“Yozakura” by Joi

Translated by Jordan A. Y. Smith


The scent of falling plums does not get wet from plum-rain season,

A stutter of raindrops on wind-bent umbrella

Yearns to travel the Silk Road,

The only thing wet is the horizon vanished underfoot.

Mountains conceal the wind’s echo,

And like a sponge, greedily suck up the rainwater.

Tree leaves resolutely weather the green-deepening raindrops,

In the depths of the sky, the sputtering sun tires of waiting for pure nudity,

As mold stealthily spreads across the far side of the moon,

A rotten tree conceives the forms of mushrooms.



Moonlight’s lamp is lit, 

branchtips flicker into flames. 

The earnestness permeates silence,

the earnestness exudes grace.

Above the white, the pale red

like the first blush on a girl’s cheek,

softly warming the chill of a spring night,

pushing the winking stars even further away.

The stagnant water reflects the yozakura from below,

reviving memories of currents.

So lively as they traverse the moonlight

and the skin of night     and               

flow through the interstices of the flock of petals

Tiny flames,

the yozakura blooming in the sky and on the water

light up the darkness before our eyes.

The towering castle has long lost its majesty,

and the blood of history ceases to provoke trembling.

No force can hinder the yozakura bloom,

not even ten-billion tons of darkness

could suppress their frail petals.

Not even the Milky Way pouring down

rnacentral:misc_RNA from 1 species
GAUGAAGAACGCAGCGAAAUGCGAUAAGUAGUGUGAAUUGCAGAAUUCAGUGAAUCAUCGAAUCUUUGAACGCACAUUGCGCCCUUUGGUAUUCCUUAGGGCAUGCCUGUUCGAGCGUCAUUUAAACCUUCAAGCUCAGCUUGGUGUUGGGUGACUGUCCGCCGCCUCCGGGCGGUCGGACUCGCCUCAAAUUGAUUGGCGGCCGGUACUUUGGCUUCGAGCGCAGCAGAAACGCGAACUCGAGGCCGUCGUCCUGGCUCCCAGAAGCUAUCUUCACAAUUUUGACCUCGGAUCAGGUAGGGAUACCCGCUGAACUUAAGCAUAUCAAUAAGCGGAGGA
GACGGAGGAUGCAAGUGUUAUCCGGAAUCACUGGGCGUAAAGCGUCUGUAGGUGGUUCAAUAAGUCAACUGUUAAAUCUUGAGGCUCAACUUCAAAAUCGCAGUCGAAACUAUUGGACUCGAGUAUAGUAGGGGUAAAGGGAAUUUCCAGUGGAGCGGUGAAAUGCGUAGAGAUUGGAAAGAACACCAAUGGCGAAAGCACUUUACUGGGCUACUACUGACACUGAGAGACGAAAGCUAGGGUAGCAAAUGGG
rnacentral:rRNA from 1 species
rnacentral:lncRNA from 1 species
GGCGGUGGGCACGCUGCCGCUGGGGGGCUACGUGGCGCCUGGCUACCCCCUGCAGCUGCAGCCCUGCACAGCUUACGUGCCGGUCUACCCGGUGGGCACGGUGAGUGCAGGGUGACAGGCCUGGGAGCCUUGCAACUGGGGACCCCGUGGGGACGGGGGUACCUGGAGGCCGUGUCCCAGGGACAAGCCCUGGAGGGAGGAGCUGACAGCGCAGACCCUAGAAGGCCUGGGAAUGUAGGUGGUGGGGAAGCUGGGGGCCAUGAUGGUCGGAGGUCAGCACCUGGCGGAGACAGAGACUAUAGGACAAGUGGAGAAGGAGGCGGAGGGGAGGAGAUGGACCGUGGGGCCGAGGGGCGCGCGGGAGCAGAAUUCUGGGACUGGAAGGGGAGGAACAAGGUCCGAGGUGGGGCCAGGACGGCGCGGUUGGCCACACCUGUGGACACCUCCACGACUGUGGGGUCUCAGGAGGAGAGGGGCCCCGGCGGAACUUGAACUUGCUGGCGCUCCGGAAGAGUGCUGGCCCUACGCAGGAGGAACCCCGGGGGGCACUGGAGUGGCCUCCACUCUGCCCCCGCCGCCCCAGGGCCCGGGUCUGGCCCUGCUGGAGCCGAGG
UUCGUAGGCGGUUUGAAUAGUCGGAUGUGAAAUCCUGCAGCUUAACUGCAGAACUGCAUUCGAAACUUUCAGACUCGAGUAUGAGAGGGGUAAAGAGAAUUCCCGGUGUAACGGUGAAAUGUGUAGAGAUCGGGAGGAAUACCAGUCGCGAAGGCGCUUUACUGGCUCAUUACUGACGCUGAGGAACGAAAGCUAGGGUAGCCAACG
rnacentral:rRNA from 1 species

could extinguish their yearning for freedom.

A breeze brushing over the sea and onto the land

teases stamen and pistil of the yozakura

and leaps over the high castle wall

to carry the whisperings of petals

far off into the dawn.



The wind steps into shoes

a cloud dropped, too loose for its feet,

glides over the river surface,

stumbles over a wave and falls,

sinking to the bottom.

The drowned wind grows colder than the riverbed,

whips out bubbles colder than the depths,

scattering the fish far and wide.

The last leaves have shed,

quarreling into the wind’s funeral,

mournful face after mournful face,

decaying in the mid-prayer silence.

The fiery fragments in bright foliage on distant

combust because that heart of magma at the
                                mountain’s core

is beating.

I pause in front of a window shut tight,

grieving the fact that the birds in the treetops

have nowhere to hide their singing voices.

Like a cat moving in tiny steps,

October falls silent,

Fleeing from color     heading for darkness.

One of my shoes floats eternally

on the surface of the western river,

a ship with no one aboard,

filling people’s breasts with loneliness.



In the middle of the white wall,

it is raising its head.

The living beauty it brought out after death.

Its eyes that once darted

to harmonize sunlight,

were unmoving.

In one corner like the crutch of a tree, 

blood had flowed, congealed, 

a so-called nominal power, 

representing maleness.

The white wall like an enormous axe, 

Cutting away all flesh below the neck,

ushering all the more wind

into the attentive ears.

Beauty wiped away the memory of blood’s raw smell. 

The flowing clouds drifted from the retinas,

the once breathing nostrils hardened fast. 

Its mouth tightened to preserve the silence.

I stand facing the wall,

wishing I had some magical means

by which to transform this white wall into grassland

and sketch the line of a river